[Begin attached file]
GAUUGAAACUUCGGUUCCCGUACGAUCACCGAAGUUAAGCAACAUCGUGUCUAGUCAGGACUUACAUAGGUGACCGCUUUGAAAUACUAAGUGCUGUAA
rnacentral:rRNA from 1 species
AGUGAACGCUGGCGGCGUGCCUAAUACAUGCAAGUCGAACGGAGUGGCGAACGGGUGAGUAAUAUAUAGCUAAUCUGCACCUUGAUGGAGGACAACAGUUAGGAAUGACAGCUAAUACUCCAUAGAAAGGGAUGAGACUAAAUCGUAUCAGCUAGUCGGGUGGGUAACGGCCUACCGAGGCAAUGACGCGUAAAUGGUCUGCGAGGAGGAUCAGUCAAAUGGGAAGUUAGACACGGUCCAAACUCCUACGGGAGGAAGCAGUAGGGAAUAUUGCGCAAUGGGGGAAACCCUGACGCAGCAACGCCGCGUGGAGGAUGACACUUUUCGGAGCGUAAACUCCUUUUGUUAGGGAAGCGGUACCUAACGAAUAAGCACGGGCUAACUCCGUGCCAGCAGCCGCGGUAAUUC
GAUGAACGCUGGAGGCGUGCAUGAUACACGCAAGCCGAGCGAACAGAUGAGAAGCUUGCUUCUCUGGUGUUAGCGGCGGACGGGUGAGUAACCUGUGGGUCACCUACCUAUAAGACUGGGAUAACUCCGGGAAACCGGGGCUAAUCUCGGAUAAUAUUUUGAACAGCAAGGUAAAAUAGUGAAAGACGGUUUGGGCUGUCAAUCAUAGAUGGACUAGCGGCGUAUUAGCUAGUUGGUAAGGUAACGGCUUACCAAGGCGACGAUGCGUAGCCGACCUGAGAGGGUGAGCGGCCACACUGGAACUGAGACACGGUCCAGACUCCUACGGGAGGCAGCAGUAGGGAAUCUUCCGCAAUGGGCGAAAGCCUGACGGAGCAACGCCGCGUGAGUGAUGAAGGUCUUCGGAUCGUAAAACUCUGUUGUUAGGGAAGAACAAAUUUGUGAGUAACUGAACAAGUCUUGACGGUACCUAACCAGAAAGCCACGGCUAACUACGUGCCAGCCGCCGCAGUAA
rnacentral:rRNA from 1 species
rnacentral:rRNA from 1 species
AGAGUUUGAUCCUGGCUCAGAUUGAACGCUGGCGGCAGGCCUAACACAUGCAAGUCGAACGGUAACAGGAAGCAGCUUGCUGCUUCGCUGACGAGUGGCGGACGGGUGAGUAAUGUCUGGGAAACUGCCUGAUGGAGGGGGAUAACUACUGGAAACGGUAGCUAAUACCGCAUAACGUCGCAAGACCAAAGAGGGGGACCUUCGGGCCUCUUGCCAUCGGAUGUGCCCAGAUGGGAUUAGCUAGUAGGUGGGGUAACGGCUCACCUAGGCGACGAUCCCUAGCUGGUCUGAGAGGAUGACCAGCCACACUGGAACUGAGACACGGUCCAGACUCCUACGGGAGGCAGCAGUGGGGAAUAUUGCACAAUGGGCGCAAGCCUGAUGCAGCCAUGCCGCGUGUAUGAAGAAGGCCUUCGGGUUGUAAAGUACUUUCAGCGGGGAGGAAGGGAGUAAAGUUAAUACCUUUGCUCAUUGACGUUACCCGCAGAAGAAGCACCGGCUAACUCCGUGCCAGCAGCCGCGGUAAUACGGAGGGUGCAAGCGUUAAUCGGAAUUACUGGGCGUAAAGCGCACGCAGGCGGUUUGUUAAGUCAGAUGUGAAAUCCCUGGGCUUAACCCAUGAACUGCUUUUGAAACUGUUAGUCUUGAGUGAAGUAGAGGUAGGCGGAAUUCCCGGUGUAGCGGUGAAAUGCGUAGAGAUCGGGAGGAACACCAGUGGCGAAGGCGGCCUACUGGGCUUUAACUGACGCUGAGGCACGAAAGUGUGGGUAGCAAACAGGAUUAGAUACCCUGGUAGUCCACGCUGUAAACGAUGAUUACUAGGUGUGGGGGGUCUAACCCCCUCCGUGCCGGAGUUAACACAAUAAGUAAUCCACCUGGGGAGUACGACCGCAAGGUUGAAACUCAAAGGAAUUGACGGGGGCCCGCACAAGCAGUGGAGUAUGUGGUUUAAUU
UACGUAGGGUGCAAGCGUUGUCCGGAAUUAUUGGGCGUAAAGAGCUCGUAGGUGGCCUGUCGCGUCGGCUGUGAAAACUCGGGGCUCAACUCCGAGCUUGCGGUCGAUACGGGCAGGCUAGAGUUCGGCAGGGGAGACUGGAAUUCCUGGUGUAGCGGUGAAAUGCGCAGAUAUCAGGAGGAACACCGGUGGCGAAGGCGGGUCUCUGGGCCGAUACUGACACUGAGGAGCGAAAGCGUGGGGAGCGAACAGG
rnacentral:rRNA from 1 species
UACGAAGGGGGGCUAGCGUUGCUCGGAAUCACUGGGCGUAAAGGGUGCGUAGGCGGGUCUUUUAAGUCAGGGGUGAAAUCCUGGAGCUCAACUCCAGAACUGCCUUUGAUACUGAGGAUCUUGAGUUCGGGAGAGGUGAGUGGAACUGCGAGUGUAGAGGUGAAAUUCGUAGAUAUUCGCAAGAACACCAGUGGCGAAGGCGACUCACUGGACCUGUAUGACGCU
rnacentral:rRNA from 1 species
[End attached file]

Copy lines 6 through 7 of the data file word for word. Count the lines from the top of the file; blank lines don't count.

rnacentral:rRNA from 1 species
AGAGUUUGAUCCUGGCUCAGAUUGAACGCUGGCGGCAGGCCUAACACAUGCAAGUCGAACGGUAACAGGAAGCAGCUUGCUGCUUCGCUGACGAGUGGCGGACGGGUGAGUAAUGUCUGGGAAACUGCCUGAUGGAGGGGGAUAACUACUGGAAACGGUAGCUAAUACCGCAUAACGUCGCAAGACCAAAGAGGGGGACCUUCGGGCCUCUUGCCAUCGGAUGUGCCCAGAUGGGAUUAGCUAGUAGGUGGGGUAACGGCUCACCUAGGCGACGAUCCCUAGCUGGUCUGAGAGGAUGACCAGCCACACUGGAACUGAGACACGGUCCAGACUCCUACGGGAGGCAGCAGUGGGGAAUAUUGCACAAUGGGCGCAAGCCUGAUGCAGCCAUGCCGCGUGUAUGAAGAAGGCCUUCGGGUUGUAAAGUACUUUCAGCGGGGAGGAAGGGAGUAAAGUUAAUACCUUUGCUCAUUGACGUUACCCGCAGAAGAAGCACCGGCUAACUCCGUGCCAGCAGCCGCGGUAAUACGGAGGGUGCAAGCGUUAAUCGGAAUUACUGGGCGUAAAGCGCACGCAGGCGGUUUGUUAAGUCAGAUGUGAAAUCCCUGGGCUUAACCCAUGAACUGCUUUUGAAACUGUUAGUCUUGAGUGAAGUAGAGGUAGGCGGAAUUCCCGGUGUAGCGGUGAAAUGCGUAGAGAUCGGGAGGAACACCAGUGGCGAAGGCGGCCUACUGGGCUUUAACUGACGCUGAGGCACGAAAGUGUGGGUAGCAAACAGGAUUAGAUACCCUGGUAGUCCACGCUGUAAACGAUGAUUACUAGGUGUGGGGGGUCUAACCCCCUCCGUGCCGGAGUUAACACAAUAAGUAAUCCACCUGGGGAGUACGACCGCAAGGUUGAAACUCAAAGGAAUUGACGGGGGCCCGCACAAGCAGUGGAGUAUGUGGUUUAAUU